Those who value the judicial craft for its range of creative possibilities will look on the Reinhardt-Kozinski era as the heyday of the 9th Circuit, and perhaps of the U.S. appellate judiciary. We will not see their likes again.
The death of Judge Stephen Reinhardt, 87, last week marks the end of an era for the U.S. Court of Appeals for the 9th Circuit, which also saw the abrupt retirement of Judge Alex Kozinski in December. For more than three decades, the nation’s largest appeals court had been the site of an epic legal struggle between the progressive liberal lion and the conservative-libertarian stalwart.
The two judges, each brilliantand each at the extreme end of the ideological spectrum, fought with all the judicial tools available — and even invented some new ones. Their rivalry defined the 9th Circuit, at least from the perspective of the appellate lawyers who actually care about what appeals courts do. It won’t be the same again.
Reinhardt was a throwback to an era of openly activist liberal judges — a one-man embodiment of the Warren Court. He graduated from Yale Law School in 1954, was close to Los Angeles Mayor Tom Bradley and California Governor Jerry Brown, and was named to the Court of Appeals by President Jimmy Carter. Reinhardt was politically astute, sophisticated and connected — the opposite of an isolated, monk-like judicial figure.
His decisions, which tended to read the case law in the most liberal way possible, were frequently reversed by the Supreme Court. Reinhardt would’ve preferred to win — but he certainly saw his reversal rate as evidence he was holding up progressive values as the Supreme Court became more conservative.
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In contrast, Kozinski was the enfant terrible of judicial conservatism. He was 35 when President Ronald Reagan put him on the 9th Circuit, and he remained the provocateur even after he became chief judge in 2007. Despite his retirement after accusations of sexual misconduct, it would be an error to ignore his influential body of judicial work in the conservative and libertarian line.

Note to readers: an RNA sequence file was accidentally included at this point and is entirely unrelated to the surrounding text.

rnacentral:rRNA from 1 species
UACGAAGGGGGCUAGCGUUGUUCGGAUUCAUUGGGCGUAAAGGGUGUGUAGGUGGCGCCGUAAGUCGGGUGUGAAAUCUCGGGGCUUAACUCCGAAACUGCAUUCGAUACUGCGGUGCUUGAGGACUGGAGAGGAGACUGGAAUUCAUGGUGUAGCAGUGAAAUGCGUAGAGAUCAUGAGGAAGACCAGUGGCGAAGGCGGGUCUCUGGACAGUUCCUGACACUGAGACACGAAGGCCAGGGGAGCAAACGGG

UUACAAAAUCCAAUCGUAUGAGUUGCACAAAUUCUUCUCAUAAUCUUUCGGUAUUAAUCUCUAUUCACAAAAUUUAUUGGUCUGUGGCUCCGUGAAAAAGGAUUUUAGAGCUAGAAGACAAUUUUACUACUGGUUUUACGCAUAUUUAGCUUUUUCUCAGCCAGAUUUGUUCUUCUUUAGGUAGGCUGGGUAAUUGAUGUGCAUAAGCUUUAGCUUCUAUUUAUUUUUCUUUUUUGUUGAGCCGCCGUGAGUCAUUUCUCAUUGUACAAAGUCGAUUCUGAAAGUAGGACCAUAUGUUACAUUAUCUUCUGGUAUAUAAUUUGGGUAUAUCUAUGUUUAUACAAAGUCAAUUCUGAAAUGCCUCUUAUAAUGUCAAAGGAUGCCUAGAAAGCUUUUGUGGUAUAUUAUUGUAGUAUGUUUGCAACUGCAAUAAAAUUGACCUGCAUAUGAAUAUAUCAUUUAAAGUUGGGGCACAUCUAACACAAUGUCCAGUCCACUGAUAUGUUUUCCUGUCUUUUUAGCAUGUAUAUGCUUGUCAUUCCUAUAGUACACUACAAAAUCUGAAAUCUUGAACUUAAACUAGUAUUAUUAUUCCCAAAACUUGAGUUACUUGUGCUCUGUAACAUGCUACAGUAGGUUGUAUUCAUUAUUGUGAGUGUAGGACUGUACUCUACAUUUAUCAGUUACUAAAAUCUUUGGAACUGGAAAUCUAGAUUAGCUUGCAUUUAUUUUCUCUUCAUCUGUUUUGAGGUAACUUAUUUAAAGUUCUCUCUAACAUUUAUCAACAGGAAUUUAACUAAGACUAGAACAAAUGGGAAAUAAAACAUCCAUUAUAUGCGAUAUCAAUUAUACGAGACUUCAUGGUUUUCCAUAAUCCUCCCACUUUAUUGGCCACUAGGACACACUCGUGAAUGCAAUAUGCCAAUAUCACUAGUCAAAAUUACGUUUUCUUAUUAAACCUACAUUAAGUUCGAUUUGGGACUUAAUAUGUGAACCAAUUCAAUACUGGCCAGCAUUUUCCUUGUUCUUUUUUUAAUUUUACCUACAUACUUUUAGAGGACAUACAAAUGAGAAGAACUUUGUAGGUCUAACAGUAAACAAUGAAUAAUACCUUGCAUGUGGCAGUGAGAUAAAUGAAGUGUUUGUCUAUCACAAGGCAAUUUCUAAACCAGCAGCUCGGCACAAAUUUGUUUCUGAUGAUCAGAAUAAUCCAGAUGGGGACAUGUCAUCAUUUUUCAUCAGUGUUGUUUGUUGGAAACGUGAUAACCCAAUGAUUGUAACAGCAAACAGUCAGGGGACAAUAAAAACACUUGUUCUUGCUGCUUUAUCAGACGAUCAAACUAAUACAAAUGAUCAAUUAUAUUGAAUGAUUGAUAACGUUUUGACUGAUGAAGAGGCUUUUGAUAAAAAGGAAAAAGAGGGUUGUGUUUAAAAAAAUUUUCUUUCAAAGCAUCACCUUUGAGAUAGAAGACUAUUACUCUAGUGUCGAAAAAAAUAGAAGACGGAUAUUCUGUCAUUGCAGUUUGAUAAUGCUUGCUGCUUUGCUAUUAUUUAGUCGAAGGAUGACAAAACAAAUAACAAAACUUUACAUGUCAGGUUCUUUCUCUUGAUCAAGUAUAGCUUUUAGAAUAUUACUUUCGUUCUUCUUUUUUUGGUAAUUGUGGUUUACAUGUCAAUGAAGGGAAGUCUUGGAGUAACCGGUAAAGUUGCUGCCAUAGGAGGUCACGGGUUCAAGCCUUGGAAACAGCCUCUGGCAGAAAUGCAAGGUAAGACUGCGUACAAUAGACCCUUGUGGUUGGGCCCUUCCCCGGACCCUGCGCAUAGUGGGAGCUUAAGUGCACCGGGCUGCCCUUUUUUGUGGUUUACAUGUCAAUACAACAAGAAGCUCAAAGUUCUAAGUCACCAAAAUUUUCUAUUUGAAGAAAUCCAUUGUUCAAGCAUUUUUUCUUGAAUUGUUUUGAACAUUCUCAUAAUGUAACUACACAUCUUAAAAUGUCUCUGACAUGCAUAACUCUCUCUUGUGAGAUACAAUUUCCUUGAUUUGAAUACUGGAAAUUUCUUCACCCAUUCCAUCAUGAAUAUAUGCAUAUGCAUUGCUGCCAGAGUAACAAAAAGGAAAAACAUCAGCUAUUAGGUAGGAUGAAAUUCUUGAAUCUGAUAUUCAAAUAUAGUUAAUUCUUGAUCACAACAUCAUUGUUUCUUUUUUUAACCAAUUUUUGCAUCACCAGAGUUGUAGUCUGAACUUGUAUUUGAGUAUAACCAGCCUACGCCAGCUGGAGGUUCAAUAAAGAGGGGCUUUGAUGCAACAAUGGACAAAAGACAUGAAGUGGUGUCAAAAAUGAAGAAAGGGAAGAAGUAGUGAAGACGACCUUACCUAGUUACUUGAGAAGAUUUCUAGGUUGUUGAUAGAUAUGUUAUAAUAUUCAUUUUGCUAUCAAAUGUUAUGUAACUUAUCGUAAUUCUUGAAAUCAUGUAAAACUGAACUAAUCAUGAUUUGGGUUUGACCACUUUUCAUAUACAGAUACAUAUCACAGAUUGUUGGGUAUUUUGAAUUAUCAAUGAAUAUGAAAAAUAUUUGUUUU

Most important for understanding the way the 9th Circuit worked, both judges perused every syllable of the court’s every judicial opinion.
This practice stemmed from the rule of appellate judging known as circuit precedent: All the court’s judges follow the same understanding of the law.
Because appeals court judges sit in panels of three, there’s the possibility that a panel will deviate from binding precedent in the circuit. When a question has never been presented to the court before, the first panel to hear it sets precedent.
Given these complicated rules, both Reinhardt and Kozinski policed all the court’s judgments. They each often called for review by a broader body: the 9th Circuit sitting “en banc.” The larger panel could change precedent.
Both judges excelled at the internal memorandum by one judge to the rest of the court calling for rehearing en banc. These internal memos were the war cry of the 9th Circuit, summoning the clans to battle.
Exchanging these memos with each other and their colleagues, Reinhardt and Kozinski never let anyone forget for a minute that the 9th Circuit was ground zero of the struggle between left and right. They drove each other to heights of jurisprudential creativity.
Those who prefer judicial minimalism may argue their exchanges made the 9th Circuit into a place of alternating extremisms.
But those who value the judicial craft for its range of creative possibilities will look on the Reinhardt-Kozinski era as the heyday of the 9th Circuit, and perhaps of the U.S. appellate judiciary. We will not see their likes again.